Whitelaw Portable Steam Engine
This R. Whitelaw Portable Return Flue Steamer (WDM-1973-S-313) was originally purchased in 1892 in Hamiota, Manitoba. Eleven years later it was sold for $500 and moved to Creelman, Saskatchewan, where it was in operation for another nine years. In 1912 it was retired, as it was too small to be effectively used. This steamer had no driving gears or steering wheel, it was made to be pulled by horses or oxen.
Little is known about the R. Whitelaw Company of Woodstock, Ontario. The engine in the WDM collection is believed to have been built at Whitelaw’s Oxford Foundry and Engine Works in the early 1890s. The company built agricultural engines, threshing machines and engines used in bakeries, creameries and cheese factories in Ontario.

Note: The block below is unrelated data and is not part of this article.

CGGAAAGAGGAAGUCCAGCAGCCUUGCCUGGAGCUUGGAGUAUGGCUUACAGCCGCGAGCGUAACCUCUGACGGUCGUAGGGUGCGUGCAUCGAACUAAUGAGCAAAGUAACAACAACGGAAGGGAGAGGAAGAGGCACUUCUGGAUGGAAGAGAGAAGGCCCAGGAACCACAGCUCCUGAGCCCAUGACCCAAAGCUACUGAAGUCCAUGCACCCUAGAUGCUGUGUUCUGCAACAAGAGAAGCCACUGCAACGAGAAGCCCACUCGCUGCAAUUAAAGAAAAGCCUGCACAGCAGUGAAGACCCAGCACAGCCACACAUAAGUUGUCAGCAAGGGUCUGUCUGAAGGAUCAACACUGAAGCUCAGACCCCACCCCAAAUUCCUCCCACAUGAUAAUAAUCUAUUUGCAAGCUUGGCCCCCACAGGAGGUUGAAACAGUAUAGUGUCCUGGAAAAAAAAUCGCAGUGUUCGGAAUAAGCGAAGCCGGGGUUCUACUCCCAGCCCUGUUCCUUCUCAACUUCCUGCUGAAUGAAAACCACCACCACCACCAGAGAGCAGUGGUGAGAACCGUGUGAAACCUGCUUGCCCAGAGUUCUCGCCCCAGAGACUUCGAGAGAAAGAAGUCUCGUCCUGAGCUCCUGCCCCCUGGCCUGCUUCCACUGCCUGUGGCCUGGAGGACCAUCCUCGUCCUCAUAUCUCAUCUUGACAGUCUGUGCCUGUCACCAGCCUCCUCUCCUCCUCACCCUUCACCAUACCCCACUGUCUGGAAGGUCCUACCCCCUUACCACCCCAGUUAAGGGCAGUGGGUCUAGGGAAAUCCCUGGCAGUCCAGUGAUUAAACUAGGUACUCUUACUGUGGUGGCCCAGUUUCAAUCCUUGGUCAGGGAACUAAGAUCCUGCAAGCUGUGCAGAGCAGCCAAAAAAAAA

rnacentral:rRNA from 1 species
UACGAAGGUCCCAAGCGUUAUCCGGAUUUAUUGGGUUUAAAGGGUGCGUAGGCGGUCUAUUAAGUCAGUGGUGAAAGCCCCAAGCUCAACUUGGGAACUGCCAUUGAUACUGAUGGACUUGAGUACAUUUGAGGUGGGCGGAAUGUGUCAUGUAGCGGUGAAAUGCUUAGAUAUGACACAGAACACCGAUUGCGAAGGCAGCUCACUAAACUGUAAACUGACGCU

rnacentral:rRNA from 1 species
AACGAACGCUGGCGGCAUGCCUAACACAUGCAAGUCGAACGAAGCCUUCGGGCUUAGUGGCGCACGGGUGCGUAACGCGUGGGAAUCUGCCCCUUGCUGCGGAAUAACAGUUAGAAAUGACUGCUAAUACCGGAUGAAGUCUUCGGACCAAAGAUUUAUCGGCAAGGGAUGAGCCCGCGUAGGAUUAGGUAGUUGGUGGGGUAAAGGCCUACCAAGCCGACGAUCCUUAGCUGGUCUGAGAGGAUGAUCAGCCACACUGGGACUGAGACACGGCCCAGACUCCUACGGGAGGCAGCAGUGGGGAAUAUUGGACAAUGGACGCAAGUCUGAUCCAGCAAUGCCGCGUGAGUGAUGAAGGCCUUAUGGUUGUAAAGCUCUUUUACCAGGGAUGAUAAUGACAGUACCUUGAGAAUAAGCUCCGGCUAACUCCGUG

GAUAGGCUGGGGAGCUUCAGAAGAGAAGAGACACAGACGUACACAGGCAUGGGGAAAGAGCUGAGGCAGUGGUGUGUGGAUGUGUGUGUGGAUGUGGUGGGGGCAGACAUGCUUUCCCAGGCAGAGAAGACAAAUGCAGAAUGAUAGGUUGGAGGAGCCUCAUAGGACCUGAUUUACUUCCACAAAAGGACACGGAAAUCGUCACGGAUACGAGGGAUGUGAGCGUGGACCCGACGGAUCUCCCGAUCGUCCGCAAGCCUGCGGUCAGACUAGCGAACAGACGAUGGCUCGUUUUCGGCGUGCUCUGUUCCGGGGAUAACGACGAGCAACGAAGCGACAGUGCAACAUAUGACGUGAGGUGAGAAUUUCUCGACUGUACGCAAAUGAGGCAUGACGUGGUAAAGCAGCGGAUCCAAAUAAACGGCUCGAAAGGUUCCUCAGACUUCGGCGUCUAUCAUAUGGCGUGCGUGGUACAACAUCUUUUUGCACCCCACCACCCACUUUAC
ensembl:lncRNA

After it was retired, it was left for 50 years behind an outbuilding on a family farm, until it was donated to the Western Development Museum. By the time it was offered to the WDM, a tree had grown through the drive wheel! The Manitoba Maple was estimated to have started growing in 1930 and was 30 years old when it was cut to remove the steamer. Part of the tree can still be seen in the wheel today. It’s on display at the WDM North Battleford.